I saved this fruit tarte with pistachios to eat at Jardin des Tuilleries.  It had been raining all day, but I found a completely dry spot under a thick canopy of trees facing a small lake.  I put my feet up and ate.  Ahhh...Paradise in Paris.


Like in the Latin Quarter, I found it a bit dubious to eat in Montmartre, just because it's so touristy it's difficult to decipher which places serve authentic and fresh food.  That's why I think Le Troubadour was such a rare find.  Tucked away on a dead-end of a street, this place has surprisingly good food served in a very cozy and quiet location.  If you end up hungry in the Sacre Couer area, you can count on this little find for great French food!

Un Zebra a Montmartre is where we had such a great time with friends on our last night in Paris.  A Dutch, a Filipino-American, two Brazilians, two French, two bottles of wine (and uhm.. some cocktails) equal an absolutely wonderful way to celebrate the end end of our Paris trip.  The restaurant itself was intimate and young and fresh.  Our Parisian friends chose the location so I suppose I can say that it's a place locals hang.  I have no pictures so you'd have to take my word that the food is absolutely wonderful with a price tag that won't break the bank.  Must bookmark!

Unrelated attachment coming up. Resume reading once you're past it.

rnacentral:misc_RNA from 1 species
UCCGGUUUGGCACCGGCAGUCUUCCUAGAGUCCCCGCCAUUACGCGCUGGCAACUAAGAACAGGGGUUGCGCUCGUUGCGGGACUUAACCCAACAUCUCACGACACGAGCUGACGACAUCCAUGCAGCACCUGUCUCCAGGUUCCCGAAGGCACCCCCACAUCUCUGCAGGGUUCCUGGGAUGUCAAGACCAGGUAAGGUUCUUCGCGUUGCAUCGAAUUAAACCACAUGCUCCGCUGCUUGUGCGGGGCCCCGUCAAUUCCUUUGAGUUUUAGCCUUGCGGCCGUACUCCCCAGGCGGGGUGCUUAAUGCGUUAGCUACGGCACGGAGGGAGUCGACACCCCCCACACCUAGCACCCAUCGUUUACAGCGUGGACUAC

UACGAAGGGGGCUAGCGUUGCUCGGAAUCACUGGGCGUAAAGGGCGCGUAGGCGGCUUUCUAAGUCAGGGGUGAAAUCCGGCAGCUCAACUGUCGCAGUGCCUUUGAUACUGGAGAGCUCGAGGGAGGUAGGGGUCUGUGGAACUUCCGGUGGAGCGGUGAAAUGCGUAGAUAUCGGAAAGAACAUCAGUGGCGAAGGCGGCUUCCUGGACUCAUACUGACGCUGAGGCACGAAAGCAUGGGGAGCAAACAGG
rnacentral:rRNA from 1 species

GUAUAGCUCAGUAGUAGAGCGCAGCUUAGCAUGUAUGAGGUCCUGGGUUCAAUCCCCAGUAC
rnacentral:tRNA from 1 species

A more sober Montmartre is what you'll see during the day.  This boulangerie, Le Flute de Pain, as you can tell, is a blockbuster hit.

But a few blocks down on rue de Abbesses, Coqueliecot looks more like a Montmartre institution.  We got front row seats next to the cash register and I was just amazed at how the French LOVE their bread.  The lines were very long and endless.  The smell of incessantly baking bread was intoxicating. This is the heart of Paris, in my view.

My fascination must have been apparent because this lady working the counter bagged a few madeleines and gave them to me - gratuit!  Merci beaucoup!

The boulangerie is testament that French cuisine is not all haute couture.  The paradox is that the highest and most universal French craving I've seen lives in something so simple as the bread.  If there's anything I can take away from the boulangerie, it's the lesson that not everything needs to be expensive nor extravagant.  It just needs to be made with an abundance of passion.  Maybe that's all there is to joie de vivre.

Bon appetit!

No comments:

Post a Comment